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Palo Alto seeks ideas for renovating Rinconada Park

Original post made on Apr 12, 2012

Rinconada Park, one of Palo Alto's most used open spaces, features many desirable attractions, but a lack of paths, well-defined park entrances and signage keeps people from experiencing the park's gems, residents told city staff Tuesday night.

Read the full story here Web Link posted Thursday, April 12, 2012, 4:30 PM

Comments (56)

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Posted by parent
a resident of Midtown
on Apr 12, 2012 at 5:29 pm

How about creating family-friendly bike routes to the park? Right now getting there with the kids is a real hassle because of dangerous streets to cross in the west (Middlefield Road) or south (Oregon Expressway).


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Posted by DogWalker
a resident of Duveneck/St. Francis
on Apr 12, 2012 at 6:33 pm

There's a very strange little corner by the electrical power plant where I've seen abandoned arm chairs and at times have smelled wafts of burning weed... Once walked by there with my kids and we came upon a man urinating on one those trees in the Magical Forest. He didn't even step into the forest to find some privacy, but just stood there right next to path! The public toilets are just a minute walk from there too.

The rest of the park is really nice and pleasant, but the proposed improvements sound even nicer!


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Posted by Midtown Rez
a resident of Midtown
on Apr 12, 2012 at 8:41 pm

How about instead of wasting money on recreation, we focus on priorities and fix the infrastructure problems first? Isn't the city still complaining that there's not enough money to fix aging roads, etc, etc? Shouldn't we spend money on necessities first? It seems like the park rejuvenation project can wait.


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Posted by C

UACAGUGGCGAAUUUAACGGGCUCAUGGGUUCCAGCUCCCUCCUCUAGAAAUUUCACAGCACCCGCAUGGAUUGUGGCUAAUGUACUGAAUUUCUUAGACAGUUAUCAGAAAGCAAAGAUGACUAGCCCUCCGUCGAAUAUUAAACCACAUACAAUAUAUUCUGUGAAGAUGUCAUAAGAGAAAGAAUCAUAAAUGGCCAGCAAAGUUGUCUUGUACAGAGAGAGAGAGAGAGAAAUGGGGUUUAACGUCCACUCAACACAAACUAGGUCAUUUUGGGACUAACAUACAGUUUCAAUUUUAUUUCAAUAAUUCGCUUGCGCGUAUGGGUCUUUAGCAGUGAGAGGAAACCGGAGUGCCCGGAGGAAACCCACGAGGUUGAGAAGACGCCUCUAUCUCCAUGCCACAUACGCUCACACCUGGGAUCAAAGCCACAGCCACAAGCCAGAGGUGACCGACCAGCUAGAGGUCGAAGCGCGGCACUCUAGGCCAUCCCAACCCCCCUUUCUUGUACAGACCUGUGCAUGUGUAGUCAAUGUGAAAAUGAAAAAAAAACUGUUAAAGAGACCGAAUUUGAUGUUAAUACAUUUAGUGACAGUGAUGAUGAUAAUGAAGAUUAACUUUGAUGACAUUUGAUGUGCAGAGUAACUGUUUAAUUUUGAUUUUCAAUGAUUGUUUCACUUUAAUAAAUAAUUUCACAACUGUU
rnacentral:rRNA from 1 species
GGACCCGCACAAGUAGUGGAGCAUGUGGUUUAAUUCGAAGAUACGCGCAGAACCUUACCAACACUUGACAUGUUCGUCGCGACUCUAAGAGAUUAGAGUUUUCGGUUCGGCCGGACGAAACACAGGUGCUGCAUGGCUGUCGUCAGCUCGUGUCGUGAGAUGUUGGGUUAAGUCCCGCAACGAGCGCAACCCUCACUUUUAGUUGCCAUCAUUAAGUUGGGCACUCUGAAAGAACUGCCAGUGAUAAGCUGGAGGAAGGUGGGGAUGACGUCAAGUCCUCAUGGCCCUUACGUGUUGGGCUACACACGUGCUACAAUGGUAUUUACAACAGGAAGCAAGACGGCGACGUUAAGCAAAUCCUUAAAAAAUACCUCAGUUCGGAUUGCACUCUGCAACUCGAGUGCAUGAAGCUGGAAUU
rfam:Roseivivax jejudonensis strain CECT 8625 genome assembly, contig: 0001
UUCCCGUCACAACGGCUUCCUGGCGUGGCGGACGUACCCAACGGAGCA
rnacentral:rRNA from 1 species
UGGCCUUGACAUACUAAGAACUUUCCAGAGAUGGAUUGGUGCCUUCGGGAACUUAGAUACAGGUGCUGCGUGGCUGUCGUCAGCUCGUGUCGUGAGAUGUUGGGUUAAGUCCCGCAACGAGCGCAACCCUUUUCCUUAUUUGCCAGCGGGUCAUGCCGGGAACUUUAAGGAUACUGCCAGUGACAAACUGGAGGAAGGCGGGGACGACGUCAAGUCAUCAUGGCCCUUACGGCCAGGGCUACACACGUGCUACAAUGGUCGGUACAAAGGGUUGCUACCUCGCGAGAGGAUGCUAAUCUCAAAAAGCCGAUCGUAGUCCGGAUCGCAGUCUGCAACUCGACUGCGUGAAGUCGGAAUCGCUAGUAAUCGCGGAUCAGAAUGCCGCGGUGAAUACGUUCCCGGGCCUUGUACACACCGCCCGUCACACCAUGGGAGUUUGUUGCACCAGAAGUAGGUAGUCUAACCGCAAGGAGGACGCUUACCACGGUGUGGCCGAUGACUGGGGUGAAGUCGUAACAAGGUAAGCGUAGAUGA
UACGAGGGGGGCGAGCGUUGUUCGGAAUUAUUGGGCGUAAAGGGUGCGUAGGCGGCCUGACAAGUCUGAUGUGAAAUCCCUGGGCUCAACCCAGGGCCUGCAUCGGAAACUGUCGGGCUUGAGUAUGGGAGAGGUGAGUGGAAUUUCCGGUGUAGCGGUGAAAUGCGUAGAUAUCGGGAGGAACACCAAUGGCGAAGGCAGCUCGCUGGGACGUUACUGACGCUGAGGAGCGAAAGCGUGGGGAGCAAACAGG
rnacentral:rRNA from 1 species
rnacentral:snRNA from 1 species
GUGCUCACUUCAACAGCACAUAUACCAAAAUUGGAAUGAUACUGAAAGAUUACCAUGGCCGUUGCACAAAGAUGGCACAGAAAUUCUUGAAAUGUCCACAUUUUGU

a resident of Barron Park
on Apr 12, 2012 at 9:57 pm

I seldom see Palo altans using the park.. A 100% waste.


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Posted by Hopkins
a resident of Community Center
on Apr 12, 2012 at 11:54 pm

Transform that baby only pool into a multi-use pool. so kids of all ages including babies and parents can enjoy too. that baby pool is only used in the summer by residents and lots of non-Palo Alto residents. 8 month a year the baby pool is there not being used at all. Lots of kids swim at the BIG pool on the side weekdays in the afternoon and the space in the big pool is not enough for everyone. Palo Alto is growing in population and to transform that baby pool to be use also for babies but also for kids of all ages with a 25 yard long and 8 swim lanes with one shallow side for small kids and families to enjoy would be great besides to have a pools being utilize all year long by PASA.


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Posted by Marrol
a resident of Embarcadero Oaks/Leland
on Apr 13, 2012 at 8:33 am

I noted that apparently the park will not be renovated for a number of years, but I have to say that with so many other vastly more important priorities on the table this overture is unnecessary and sends a poor message. Our civic leaders must realize that their actions speak louder than words. You cannot proclaim a fiscal emergency on one hand, and then turn around and host an open forum on a park renovation. Seriously? The city is facing a financial crisis. We have to cope with annual budget deficits. Cuts and sacrifices are being made in infrastructure and public safety. Apparently we cannot fund these vital needs without another bond measure and tax increase. And with all this going on, when our leaders should be displaying a focused effort on solving these problems, what do they do? They host a park renovation meeting of course. Unbelievable. Could you please just work on the priorities, especially during these difficult financial times. Like Nero playing the fiddle while Rome burned.